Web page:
(TibetanReview.net, May26, 2018) – China’s conviction on May 22 of the Tibetan language rights activist Tashi Wangchuk, sentencing him to a five-year jail sentence for allegedly “inciting separatism”, brings into question what the country’s real language policy is. After all, the case exposed the country’s constitutional and legal protection of the ethnic minorities’ right to preserve their own language as being totally a hoax.
A report based on an interview with Zhou Wei, director of the Institute of Religion at the China Tibetology Research Center, carried by China’s online Tibet news service eng.tibet.cn May 25 makes it clear that it is all to do with President Xi Jinping Thought on Socialism with Chinese Characteristics for a New Era.
Citing Xi’s past remarks about “uniting the masses”, “winning over the people”, “strengthening exchanges among all ethnic groups”, “fostering a strong sense of community for the Chinese nation”, “encourage more exchanges and interactions among different ethnic groups”, “helping them remain closely united like the seeds of a pomegranate that stick together”, and “working jointly for common prosperity and development”, Zhou has made it clear that it is all to do with making ethnic minorities learn and use Mandarin Chinese for the sake of national integration from the angle of language integration.
Zhou has made it clear that for all these purposes, learning Mandarin Chinese is a requirement for the ethnic minorities, apparently at the expense of their own language and culture. “Ethnic minorities study Mandarin, the national common language, helps them communicate and cooperate with people of other ethnic groups, integrate into society, and is a requirement for the development of ethnic minorities,” he was quoted as saying.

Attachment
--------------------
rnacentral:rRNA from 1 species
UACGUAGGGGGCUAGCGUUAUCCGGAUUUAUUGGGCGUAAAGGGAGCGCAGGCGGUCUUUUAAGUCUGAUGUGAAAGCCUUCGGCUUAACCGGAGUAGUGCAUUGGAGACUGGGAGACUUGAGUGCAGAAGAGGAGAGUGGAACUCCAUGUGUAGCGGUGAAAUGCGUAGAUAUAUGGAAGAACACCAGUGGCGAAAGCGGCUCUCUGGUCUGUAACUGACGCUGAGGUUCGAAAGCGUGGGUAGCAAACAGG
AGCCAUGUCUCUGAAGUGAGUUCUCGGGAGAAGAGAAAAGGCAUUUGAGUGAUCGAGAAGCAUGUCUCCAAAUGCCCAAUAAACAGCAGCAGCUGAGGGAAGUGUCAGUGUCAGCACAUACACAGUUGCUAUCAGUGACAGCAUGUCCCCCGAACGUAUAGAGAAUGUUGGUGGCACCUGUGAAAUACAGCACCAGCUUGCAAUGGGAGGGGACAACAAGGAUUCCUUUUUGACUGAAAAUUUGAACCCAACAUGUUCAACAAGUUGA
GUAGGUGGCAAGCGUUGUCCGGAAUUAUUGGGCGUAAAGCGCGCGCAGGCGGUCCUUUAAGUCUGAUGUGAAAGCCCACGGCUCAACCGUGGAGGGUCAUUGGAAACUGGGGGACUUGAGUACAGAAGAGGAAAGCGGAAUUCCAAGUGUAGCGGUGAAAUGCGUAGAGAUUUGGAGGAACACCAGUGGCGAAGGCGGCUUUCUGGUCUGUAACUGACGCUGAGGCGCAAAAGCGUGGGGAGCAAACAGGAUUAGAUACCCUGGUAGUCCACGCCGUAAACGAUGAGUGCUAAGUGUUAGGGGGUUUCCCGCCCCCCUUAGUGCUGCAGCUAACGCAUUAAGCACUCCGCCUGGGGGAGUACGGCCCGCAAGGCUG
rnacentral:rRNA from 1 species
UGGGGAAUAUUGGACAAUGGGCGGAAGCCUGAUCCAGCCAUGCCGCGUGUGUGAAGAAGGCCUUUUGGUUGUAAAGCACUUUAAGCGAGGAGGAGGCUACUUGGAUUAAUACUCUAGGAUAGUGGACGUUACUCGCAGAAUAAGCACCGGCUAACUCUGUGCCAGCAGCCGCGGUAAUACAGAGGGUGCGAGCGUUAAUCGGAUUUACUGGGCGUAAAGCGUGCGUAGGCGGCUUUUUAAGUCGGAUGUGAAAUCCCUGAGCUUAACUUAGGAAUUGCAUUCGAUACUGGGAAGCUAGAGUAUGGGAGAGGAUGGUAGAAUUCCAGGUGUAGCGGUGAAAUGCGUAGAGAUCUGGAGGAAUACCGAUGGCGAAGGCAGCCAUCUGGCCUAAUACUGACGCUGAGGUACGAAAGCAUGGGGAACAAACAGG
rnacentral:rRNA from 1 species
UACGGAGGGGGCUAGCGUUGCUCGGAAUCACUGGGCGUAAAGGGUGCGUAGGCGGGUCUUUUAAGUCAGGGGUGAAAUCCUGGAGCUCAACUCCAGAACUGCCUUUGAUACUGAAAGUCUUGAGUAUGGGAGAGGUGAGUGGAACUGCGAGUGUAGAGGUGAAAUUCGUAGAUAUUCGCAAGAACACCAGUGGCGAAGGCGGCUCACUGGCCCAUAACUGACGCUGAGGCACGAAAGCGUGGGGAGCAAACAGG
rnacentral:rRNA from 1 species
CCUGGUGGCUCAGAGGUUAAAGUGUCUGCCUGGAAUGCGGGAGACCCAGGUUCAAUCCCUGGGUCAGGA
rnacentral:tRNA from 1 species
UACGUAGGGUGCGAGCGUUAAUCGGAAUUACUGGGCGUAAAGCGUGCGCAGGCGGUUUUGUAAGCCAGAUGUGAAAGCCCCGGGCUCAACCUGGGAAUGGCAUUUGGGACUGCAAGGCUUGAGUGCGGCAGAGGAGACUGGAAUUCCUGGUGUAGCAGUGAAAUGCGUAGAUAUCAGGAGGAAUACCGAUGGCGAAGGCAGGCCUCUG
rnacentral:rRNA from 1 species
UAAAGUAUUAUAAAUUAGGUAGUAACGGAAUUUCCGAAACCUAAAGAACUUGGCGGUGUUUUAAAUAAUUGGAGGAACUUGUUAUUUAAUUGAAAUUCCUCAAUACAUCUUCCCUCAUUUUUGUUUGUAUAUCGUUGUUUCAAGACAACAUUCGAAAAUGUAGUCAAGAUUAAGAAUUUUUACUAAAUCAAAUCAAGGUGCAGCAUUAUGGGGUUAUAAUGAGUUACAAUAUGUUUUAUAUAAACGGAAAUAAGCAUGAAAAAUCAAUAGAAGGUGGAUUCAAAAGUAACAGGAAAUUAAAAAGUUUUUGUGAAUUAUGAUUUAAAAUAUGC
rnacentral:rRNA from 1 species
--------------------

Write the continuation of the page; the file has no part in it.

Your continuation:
He has further said, “Language is the bridge between cross-cultural communication and the core of strengthening exchanges and integration among different ethnic groups. An important symbol of cultural mixing is language integration.”
Zhou, who is reported to be proficient in Chinese, Tibetan, and English, is said to have given advice on how to promote exchanges among different ethnic groups from the angle of language integration.
Zhou has sought to “stress” that “languages are equal; there isn’t one that is superior to others” and pointed out, “As early as 1987 and 1988, a series of publications on ‘Regulations on the Learning, Use, and Development of Tibetan Language in the Tibet Autonomous Region (Trial Implementation)’ was issued to incorporate the study, use, and development of Tibetan language into the legal system.” He has also said, “In 2002, the ‘Regulations on the Learning, Use, and Development of Tibetan Language in the Tibet Autonomous Region’ was revised and published again, affirming the Tibetan language’s status as a common language in Tibet and also indicating the equal status of the Tibetan language with the common spoken Mandarin in Tibet.”
The problem, however, is that all this is on paper only, for the whole officialdom is dominated by Mandarin Chinese, including right from school education at the preprimary level upwards. Even the delegates from the Tibet Autonomous Region to the Chinese National People’s Congress – or parliament – would speak only in Chinese when they recently visited Canada and the USA and addressed meetings and press conferences.
The report described Zhou as an authority on the Tibetan language, having majored in Tibetan and minority language studies in both his undergraduate and graduate studies and taught Tibetan language and culture courses for one year in Hungary. He was said to have organized experts to compile China’s first Tibetan reference book for primary and middle school students, the Middle and Primary School Tibetan Language Dictionary. In April of this year, his new book Language and Society of Tibet was reported to have been published by the Social Sciences Literature Publishing House.